Friday, January 10, 2003

D.C. Vouchers

Deroy Murdock helps turn on the pressure for school vouchers in the nation's capital.

On the 2000 National Assessment of Educational Progress, for example, 6 percent of DCPS' eighth graders performed math at grade level, versus a U.S. average of 31 percent. On the 1998 NAEP writing test, 11 percent of DCPS' eighth graders were proficient or advanced, compared to 25 percent nationally. On that year's NAEP, only 10 percent of DCPS' fourth graders read at grade level, versus 35 percent nationally.

While 31 percent of U.S. students currently fail to finish high school, 42 percent of DCPS pupils drop out. Among DCPS graduates who reach the University of the District of Columbia , 85 percent need remedial education.

Meanwhile, the Washington Post reported in 1997 that DCPS officials illegally kept two sets of books and “reprogrammed” money to pay unauthorized staffers. That year, $1.6 million mandated for needy students somehow became employees' salaries.

According to a December 18 FBI affidavit, labor bosses in the Washington Teacher's Union waltzed off with some $2 million in members' dues. As WTU honchos reportedly let rent and utilities bills pile up, they allegedly purchased a $6,800 crystal ice bucket, $17,000 in furs, a $57,000, 288-piece Tiffany sterling silver service set, and more.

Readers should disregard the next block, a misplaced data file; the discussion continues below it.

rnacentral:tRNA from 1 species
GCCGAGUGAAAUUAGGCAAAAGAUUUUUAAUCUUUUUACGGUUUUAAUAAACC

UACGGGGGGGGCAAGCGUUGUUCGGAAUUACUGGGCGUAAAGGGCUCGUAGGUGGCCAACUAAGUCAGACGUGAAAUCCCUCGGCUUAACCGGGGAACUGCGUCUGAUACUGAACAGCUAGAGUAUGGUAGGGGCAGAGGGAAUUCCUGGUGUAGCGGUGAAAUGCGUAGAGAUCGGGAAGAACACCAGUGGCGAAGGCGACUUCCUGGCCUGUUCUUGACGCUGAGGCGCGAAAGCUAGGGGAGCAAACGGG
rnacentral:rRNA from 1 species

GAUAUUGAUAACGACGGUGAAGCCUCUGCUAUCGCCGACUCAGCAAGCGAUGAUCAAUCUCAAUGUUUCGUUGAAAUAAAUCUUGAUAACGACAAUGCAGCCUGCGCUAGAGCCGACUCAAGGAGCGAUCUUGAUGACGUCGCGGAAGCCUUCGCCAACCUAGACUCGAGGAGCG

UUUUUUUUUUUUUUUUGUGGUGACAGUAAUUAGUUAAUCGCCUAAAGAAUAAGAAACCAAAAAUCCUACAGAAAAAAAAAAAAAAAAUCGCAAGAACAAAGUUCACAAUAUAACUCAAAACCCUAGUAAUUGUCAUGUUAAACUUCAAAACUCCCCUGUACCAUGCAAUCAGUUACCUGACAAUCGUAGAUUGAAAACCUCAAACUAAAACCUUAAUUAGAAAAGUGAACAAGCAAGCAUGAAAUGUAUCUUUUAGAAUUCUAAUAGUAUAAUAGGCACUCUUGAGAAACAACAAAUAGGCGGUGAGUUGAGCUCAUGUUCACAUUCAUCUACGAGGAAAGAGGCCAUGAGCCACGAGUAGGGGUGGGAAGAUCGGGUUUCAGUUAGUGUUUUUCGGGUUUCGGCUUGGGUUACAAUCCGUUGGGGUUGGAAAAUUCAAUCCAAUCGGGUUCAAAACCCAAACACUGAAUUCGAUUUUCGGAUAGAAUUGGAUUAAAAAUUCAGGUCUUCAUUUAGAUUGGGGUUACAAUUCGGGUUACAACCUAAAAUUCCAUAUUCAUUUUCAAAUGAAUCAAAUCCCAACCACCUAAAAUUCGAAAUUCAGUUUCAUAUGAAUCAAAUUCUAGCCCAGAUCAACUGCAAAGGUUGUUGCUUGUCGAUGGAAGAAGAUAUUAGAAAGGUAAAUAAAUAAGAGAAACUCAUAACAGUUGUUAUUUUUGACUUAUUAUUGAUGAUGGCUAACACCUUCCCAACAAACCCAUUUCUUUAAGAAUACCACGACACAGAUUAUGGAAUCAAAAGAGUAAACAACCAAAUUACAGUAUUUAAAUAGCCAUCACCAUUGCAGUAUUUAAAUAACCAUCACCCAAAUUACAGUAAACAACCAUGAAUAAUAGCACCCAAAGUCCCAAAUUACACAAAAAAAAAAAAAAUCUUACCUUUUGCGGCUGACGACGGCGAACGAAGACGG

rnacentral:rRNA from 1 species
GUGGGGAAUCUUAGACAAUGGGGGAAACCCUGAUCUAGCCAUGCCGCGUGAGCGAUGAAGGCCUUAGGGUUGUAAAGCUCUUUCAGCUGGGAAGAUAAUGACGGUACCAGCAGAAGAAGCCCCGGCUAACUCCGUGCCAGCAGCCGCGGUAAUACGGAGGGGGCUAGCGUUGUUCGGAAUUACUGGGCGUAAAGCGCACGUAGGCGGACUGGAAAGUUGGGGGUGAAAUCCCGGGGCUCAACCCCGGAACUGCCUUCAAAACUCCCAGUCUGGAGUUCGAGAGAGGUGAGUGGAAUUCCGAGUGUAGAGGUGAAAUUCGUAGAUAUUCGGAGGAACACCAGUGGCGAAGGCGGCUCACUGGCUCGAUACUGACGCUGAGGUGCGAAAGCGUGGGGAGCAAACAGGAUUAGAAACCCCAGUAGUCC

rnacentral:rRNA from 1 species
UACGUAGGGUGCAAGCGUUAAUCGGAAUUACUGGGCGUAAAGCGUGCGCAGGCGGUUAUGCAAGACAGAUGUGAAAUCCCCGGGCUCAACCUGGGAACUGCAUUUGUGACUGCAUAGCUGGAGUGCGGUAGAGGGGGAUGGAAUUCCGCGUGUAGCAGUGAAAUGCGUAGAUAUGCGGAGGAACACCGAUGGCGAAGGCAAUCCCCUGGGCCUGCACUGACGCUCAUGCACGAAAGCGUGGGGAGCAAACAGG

DCPS itself is virtually gold-plated. It spent $10,477 on each of its 67,500 pupils in 2000-2001, versus a national average of $7,483 as the National Education Association estimates. Ahead of the 50 states, the NEA ranked DCPS as America 's number-one school public funding. Taxpayers finance 10,967 DCPS employees; only 4,719 of them teach.

D.C. kids need something besides money that ends up paying for school officials vacations, clothes, and dining. Let the public schools compete for the kids.

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